Every once in a while one of my tanks will seem like it has some extra particulate matter floating around. This can be the product of many things – new rocks or decorations – that weren’t adequately cleaned before adding them to the tank. Or sometimes the filter you’re using just needs to be cleaned more frequently because you’ve increased the bioload or added some new cichlids that keep the substrate stirred up more than usual.
Also, for the sake of redundancy, a little extra water movement isn’t a bad thing, unless you have lot of plants (but that’s a post for another day). If you follow the blog regularly, you know how I feel about redundancy.
So how can you clear up particulate matter while simultaneously increasing the bio-filtration and moving some extra water at the same time? The easy answer is to add another filter. No problem, if you have an unlimited budget and the time to set one up. However, you might just have what you need to accomplish both goals without leaving your house.
Do you have a powerhead that you aren’t using or a small submersible pump? How about a 16 oz. plastic water/soda bottle? What about a power drill? There are several YouTube videos available that show you how to create small internal filters using plastic bottles and powerheads. Check those out. You can even make these bottle filters with air pumps, but I only use air pumps for power outage emergencies.
I posted a couple of years ago about my own filter design that I borrowed and customized from those YouTube videos. Instead of soda bottles, I use condiment squeeze bottles because they have wide mouths. As a result, I can easily get media in and out but I can also secure whatever I use in the bottle because of the screw on tops. You can pick up two or three of these bottles online for just a few dollars. I also like condiment bottles because they’re generally larger in volume (24 oz or even 36), which allows me greater versatility. I can apply new mechanical and biological filtration simultaneously without taking up a great deal of space in the tank while moving more water at the same time. You can also use small submersible pumps instead of powerheads, if you prefer.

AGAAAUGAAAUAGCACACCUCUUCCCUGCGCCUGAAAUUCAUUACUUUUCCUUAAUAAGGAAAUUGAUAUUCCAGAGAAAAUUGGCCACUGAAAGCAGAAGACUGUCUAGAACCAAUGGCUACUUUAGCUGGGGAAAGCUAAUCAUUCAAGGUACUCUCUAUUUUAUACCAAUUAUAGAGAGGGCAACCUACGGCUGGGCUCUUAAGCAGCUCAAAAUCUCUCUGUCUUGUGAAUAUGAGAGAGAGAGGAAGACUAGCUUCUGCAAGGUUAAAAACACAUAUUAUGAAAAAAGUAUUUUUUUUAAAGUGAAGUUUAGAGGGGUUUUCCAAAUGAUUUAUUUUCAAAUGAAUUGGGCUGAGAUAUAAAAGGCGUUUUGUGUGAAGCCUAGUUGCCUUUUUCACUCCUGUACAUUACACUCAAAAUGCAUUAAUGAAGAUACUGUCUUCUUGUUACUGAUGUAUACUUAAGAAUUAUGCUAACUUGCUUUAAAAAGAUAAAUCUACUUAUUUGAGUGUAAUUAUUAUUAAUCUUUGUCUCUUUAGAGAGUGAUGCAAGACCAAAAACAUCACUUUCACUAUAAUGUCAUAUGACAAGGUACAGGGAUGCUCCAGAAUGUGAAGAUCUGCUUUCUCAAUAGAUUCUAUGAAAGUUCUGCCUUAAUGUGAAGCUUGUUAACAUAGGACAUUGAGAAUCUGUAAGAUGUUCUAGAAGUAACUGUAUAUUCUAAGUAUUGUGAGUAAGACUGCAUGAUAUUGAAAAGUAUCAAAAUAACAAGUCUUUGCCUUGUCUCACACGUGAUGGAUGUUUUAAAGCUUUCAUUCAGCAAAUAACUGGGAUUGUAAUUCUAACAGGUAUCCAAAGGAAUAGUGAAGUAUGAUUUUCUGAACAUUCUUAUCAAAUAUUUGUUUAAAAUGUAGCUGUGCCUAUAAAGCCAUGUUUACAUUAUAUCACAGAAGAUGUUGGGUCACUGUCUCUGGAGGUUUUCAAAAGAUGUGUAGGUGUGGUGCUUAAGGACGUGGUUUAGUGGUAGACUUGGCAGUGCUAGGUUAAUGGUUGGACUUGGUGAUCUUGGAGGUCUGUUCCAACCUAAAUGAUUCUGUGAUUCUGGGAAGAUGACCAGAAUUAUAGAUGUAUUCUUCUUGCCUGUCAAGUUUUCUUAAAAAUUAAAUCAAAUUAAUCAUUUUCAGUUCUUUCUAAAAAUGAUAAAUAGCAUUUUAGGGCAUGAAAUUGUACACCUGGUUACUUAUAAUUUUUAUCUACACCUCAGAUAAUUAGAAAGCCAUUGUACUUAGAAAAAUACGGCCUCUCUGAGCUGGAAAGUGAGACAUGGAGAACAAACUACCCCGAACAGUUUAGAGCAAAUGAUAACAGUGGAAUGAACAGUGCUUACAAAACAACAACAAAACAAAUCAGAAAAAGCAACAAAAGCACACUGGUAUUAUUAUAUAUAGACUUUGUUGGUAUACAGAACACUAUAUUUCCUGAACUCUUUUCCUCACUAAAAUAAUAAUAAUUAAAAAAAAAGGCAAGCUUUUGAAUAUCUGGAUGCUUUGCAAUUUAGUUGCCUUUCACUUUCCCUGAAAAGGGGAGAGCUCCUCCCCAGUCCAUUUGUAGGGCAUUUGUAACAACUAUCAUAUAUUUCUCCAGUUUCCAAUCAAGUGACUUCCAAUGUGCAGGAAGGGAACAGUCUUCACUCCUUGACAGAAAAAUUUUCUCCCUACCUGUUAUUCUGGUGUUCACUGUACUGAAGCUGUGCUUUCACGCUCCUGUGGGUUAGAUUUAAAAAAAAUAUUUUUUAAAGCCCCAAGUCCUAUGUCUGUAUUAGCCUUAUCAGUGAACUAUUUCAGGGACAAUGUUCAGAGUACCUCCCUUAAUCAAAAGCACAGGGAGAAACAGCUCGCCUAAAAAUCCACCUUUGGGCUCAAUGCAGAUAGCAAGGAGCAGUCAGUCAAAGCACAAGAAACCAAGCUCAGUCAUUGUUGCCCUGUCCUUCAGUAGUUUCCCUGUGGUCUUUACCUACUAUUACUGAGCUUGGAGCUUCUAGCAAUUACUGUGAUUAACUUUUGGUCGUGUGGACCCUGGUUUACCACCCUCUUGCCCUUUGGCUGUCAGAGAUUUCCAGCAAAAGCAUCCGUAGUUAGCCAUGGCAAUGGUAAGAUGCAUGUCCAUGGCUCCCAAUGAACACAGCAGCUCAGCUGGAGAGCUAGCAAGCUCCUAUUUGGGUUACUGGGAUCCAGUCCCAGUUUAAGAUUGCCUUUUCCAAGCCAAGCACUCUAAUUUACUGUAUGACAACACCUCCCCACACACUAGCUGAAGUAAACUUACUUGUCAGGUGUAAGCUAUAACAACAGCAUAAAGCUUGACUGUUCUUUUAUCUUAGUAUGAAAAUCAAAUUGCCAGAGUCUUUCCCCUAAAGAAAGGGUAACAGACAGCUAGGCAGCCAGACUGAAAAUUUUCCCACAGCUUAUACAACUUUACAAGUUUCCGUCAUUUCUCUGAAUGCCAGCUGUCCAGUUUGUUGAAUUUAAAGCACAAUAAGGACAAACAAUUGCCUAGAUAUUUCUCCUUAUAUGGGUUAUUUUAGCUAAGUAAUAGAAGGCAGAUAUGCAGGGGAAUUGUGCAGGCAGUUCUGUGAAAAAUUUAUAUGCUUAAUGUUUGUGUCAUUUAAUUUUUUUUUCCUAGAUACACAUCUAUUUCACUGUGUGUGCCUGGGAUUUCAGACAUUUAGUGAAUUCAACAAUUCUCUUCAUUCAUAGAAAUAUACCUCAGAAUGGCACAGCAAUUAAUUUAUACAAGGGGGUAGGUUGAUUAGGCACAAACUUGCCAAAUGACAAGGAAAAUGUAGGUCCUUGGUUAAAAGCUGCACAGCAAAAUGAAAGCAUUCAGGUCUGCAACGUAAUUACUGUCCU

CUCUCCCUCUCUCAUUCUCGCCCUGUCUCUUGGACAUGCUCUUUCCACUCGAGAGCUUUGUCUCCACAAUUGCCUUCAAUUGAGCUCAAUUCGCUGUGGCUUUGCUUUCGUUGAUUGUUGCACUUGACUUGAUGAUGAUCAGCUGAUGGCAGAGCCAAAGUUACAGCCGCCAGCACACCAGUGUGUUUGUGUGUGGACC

In the photos below, you can see a small (16 oz) condiment bottle with a powerhead. I drill small holes in the lid of the bottle (photo 5) and one large hole in the bottom of the bottle (photo 2). The large hole in the bottom is where the bottle attaches to the powerhead or the pump. You can fill the bottle with polyfill (not pictured) for water polishing (removing fine particulate matter) or you can use your favorite bio-media for extra biological filtration. You can put the media in loose or use a media bag (photos 3 and 4). When I use these bottle filters for extra biological filtration, I insert a cut-to-fit sponge in the very top to also provide a little mechanical filtration (not pictured).
1. Powerhead and small condiment bottle. Photo by author.
2. Powerhead and small condiment bottle. Photo by author.
3. Powerhead, small condiment bottle (lid removed), and bio-media in media bag. Photo by author.
4. Powerhead and small condiment bottle containing bio-media in media bag. Photo by author.
5. Powerhead and small condiment bottle containing bio-media. Photo by author.
What’s the advantage of this DIY internal filter over a new store filter? Cost, aesthetics, and flexibility. Building this filter with a small powerhead can be cheaper than a retail filter. It’s easy and quick to set up as opposed to a new canister filter or sump. It’s easy to hide behind some rocks, which you can’t do with a HOB filter. Lastly, you can vary the size and type of media you use by swapping different size bottles. Furthermore, I can move the whole filter unit around pretty much anywhere, change its intake depth, modify the outflow direction, and change the media at will using whatever I want.
Remember the purpose of this is multiple – remove particulate (water polishing), provide extra biological filtration, and provide extra water movement.